Enough was enough. 'Desist at once, sir, I have no wish to be manhandled by you. I am quite capable of removing the dirt for myself. You had best look to your team, your carriage is in imminent danger of tipping into the ditch.'
His head shot up; his eyes were a peculiar shade halfway between blue and black, his nose
patrician and his lips mobile. Warmth spread across her breasts and into her face. She could not
tear her glance away; she was pinned like a butterfly on a board by the glitter in his eyes. Then it was gone and he was towering above her.
            'Dammit! Out of the way, madam, haven't you done enough damage already this morning?'
            The spirited team stamped and tossed their heads in impatience and the rear wheel of the vehicle began to slide inexorably backwards. Without thinking, she raced to the lead horse and
snatched the bit. The gentleman shouted from behind the carriage.
            'Good girl, move them forwards as rapidly as you can.'
Ignoring his instructions, she was well able to handle his horses without his highhanded
intervention, she urged the chestnut sideways, following her instincts. Going this way would move the wheel away from danger far more efficiently. The team threw their weight into the traces and the carriage shot forward removing the wheel from danger. Unfortunately the irascible gentleman fell headlong into the ditch instead.
            The air was blue, she thought it wise to absent herself as hastily as possible. Quickly checking the brake was on and the reins securely tied around the pole, she prepared to creep away. Although it wasn't her fault he'd fallen, no doubt he would blame her for his foolhardiness as he had done before.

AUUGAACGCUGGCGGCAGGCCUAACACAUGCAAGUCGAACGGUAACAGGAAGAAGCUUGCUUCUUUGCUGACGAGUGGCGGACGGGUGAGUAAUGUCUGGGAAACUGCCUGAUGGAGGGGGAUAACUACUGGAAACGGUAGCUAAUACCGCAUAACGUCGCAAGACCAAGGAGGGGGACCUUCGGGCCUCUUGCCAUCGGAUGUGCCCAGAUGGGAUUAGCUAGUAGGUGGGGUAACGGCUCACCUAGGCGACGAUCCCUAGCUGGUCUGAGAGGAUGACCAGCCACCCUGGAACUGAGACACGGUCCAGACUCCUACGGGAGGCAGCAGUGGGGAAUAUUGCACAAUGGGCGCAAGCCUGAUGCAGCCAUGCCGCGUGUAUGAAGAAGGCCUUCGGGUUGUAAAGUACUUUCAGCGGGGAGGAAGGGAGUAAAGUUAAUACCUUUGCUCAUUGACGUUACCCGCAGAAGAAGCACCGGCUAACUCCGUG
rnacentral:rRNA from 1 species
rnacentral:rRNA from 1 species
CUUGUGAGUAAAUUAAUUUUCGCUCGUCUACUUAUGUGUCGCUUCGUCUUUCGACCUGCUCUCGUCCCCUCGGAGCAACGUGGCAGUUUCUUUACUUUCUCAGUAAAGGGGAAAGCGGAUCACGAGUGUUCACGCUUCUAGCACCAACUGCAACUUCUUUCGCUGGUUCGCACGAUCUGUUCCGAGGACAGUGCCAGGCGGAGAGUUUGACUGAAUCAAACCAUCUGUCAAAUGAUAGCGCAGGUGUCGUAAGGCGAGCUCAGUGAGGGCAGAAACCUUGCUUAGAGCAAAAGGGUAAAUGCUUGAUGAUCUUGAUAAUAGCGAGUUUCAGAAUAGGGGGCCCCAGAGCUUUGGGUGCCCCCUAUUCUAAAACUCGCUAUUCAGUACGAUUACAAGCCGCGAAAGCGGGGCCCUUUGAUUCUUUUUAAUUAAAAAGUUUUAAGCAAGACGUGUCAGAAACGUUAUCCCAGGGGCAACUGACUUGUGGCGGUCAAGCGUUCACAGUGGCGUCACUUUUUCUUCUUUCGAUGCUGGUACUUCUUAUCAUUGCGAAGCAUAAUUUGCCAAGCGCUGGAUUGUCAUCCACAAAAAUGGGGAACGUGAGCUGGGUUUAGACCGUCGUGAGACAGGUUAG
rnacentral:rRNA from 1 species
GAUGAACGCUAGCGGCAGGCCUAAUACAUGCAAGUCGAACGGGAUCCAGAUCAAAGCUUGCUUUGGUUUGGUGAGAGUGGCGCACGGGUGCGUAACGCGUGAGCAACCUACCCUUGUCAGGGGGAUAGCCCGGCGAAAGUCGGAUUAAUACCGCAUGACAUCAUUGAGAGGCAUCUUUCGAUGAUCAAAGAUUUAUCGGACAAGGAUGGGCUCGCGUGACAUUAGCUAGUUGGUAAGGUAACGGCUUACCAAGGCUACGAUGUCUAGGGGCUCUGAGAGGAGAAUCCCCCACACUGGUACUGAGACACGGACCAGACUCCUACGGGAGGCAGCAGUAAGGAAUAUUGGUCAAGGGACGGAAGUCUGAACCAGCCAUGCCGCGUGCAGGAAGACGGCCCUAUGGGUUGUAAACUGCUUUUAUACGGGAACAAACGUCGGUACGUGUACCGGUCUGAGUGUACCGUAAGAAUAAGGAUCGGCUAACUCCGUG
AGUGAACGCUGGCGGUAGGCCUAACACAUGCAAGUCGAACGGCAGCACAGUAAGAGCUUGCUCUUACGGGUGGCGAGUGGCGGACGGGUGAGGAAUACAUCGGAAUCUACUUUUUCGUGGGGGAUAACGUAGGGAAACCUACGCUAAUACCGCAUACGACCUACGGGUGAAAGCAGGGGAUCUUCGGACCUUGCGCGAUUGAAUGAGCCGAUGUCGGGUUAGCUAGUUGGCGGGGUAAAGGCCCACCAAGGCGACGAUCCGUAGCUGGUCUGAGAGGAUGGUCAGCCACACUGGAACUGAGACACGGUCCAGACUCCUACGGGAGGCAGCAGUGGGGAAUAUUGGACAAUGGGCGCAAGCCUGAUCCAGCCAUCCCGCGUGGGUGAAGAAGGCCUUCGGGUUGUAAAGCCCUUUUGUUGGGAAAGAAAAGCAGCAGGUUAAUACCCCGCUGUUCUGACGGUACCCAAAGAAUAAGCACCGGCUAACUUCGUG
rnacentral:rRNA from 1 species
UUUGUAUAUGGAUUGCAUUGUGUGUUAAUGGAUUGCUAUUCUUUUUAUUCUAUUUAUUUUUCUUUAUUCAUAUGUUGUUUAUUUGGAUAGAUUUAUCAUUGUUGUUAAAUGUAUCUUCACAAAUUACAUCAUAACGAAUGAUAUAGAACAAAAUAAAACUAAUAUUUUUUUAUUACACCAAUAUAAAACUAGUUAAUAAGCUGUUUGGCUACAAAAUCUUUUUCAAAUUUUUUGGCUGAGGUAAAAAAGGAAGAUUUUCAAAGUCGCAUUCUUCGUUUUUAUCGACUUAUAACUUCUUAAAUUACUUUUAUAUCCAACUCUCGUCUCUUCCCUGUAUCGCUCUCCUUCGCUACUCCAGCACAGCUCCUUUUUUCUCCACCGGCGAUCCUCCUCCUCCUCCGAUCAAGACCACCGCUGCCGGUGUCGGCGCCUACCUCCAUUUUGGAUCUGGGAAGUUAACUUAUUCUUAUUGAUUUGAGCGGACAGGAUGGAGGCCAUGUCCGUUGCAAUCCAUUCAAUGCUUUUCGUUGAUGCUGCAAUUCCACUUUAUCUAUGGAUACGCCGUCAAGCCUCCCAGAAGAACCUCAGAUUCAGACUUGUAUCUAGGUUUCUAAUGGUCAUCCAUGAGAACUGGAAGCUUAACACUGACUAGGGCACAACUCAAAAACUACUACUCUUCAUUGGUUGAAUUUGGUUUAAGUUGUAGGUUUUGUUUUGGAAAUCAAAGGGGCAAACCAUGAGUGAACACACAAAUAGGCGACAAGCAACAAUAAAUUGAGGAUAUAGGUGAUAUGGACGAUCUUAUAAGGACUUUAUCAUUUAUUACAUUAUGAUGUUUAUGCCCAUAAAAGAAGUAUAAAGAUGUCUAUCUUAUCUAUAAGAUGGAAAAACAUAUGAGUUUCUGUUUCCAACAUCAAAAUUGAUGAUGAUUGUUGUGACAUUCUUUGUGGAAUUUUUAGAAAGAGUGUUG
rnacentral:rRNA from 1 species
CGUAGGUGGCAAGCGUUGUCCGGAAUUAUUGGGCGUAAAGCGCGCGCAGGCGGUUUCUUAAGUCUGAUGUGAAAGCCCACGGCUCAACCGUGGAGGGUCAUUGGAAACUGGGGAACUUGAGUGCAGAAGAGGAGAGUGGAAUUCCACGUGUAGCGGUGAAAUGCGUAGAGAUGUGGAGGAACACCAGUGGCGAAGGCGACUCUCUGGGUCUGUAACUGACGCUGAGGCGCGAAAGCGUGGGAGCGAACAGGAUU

She prepared to make a run for it. Too late! A dripping figure emerged from behind the horses and strode towards her. She couldn't help herself; her scream echoed down the lane. Suddenly two black shapes hurtled past and for the second time the unfortunate gentleman was tipped backwards into the noxious water.
            Not waiting to see him emerge and seek revenge on the person who was responsible for dumping him twice into the ditch, she raced full pelt down the lane. She scrambled over a five
barred gate and tore across the meadow scattering cows in all directions in her head long flight. Her dogs were beside her, tongues lolling out, obviously delighted with the game.
Alexander shook his head, sending foul water in all directions. He scraped the muck from his eyes and watched his quarry vanish down the lane. Who the devil was she? Dressed like a servant but quite obviously gently born. She was a conundrum. He stepped out of the ditch and propped himself against the carriage wheel in order to remove his boots and tip out the water.   It was fortunate they no longer fitted him as snugly as they'd used to.
            He tossed his sodden cape on to the box and stared gloomily at his ruined topcoat. The blue
superfine jacket had cost him a pretty penny and it, like the rest of his garments, was quite beyond salvage. The young woman was right to castigate him, he had been driving far too fast. He shrugged, he seldom drove any other way, caring little if he came to grief. However, he had no wish to take anyone else with him if he went, and certainly not the lovely young termagant he'd just encountered.
            He checked his horses were none the worse their experience and then leaped into his carriage and recovered the reins. His breeches were so wet he slid from side to side as the curricle gathered speed. He had no option, unless he wished to nosedive over the edge he must return to his hunting box at a walk.
            best wishes

Sunday, 3 June 2012

Kindle - good or bad?

I was thinking about digital publishing and the impact it has had on both readers and writers and decided to write something about this.
I bought a Kindle last year and initially downloaded mainly free books, most of which I deleted without reading them. Being able to have the complete works of Charles Dickens for nothing doesn't mean I'm actually going to read them.